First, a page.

Using Student Facilitation and Interactive Tools Within and Beyond the LMS: Towards Creating an Authentic Community of Inquiry

Using Student Facilitation and Interactive Tools Within and Beyond the LMS: Towards Creating an Authentic Community of Inquiry

Andrea Gregg (The Pennsylvania State University, USA), Hwei-Kit Chang (The Pennsylvania State University, USA), Yu Wang (The Pennsylvania State University, USA), Penny Ward (The Pennsylvania State University, USA) and Roy B. Clariana (The Pennsylvania State University, USA)
Copyright: © 2020 |Pages: 28
DOI: 10.4018/978-1-7998-3292-8.ch008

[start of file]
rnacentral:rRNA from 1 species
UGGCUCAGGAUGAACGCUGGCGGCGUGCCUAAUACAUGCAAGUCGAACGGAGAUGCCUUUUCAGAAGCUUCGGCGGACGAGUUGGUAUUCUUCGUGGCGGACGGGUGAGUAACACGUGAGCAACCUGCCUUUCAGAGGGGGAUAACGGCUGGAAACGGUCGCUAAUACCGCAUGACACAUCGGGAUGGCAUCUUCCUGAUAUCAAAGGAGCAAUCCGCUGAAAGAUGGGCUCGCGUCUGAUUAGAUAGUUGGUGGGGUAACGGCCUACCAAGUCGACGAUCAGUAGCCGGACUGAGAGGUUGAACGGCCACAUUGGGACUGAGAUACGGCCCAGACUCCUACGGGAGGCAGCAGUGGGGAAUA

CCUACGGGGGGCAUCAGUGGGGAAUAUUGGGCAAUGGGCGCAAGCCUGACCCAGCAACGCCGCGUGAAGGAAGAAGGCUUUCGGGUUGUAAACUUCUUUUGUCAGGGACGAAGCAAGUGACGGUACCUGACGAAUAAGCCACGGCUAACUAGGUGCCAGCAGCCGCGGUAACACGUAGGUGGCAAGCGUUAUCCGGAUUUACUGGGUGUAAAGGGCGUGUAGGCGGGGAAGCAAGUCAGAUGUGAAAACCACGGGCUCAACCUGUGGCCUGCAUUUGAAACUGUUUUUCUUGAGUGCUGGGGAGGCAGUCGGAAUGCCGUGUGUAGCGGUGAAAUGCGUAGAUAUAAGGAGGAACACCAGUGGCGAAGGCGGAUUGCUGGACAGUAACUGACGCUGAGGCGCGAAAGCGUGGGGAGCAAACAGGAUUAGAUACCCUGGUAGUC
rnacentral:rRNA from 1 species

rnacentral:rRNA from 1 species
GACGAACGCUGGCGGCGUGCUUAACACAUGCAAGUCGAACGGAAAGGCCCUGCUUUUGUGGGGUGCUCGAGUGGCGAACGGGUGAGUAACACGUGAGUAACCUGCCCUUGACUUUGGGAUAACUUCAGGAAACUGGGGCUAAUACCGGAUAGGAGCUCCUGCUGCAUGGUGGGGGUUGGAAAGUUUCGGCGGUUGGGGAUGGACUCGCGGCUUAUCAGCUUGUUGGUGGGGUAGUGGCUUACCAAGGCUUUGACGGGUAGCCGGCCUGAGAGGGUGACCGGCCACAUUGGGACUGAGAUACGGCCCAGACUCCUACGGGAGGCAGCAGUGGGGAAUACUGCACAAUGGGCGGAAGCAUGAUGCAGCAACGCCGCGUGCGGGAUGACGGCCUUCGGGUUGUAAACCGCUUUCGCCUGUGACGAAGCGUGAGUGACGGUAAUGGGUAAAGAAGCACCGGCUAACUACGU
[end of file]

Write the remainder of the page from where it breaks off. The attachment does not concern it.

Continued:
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While dialogue remains a critical component to an online community of inquiry (CoI), challenges regarding engaged student participation persist. This chapter discusses an online graduate course, “Designing Learning Within Course Management Systems” (“Designing Learning”), in which student-student interaction is a key feature and a central component of nearly all of the student activities. This chapter highlights the core pedagogical concepts and theories, including CoI, that form the foundation for the “Designing Learning” course. It then demonstrates the integration of those concepts throughout course design elements, including student facilitation and the use of multiple platforms like VoiceThread and Google Docs for interaction including reflections on both the students' and instructors' experiences of this course. Recommendations are next provided so that the successes of this course can be applied to other online teaching and learning contexts. Lastly, further research directions are identified.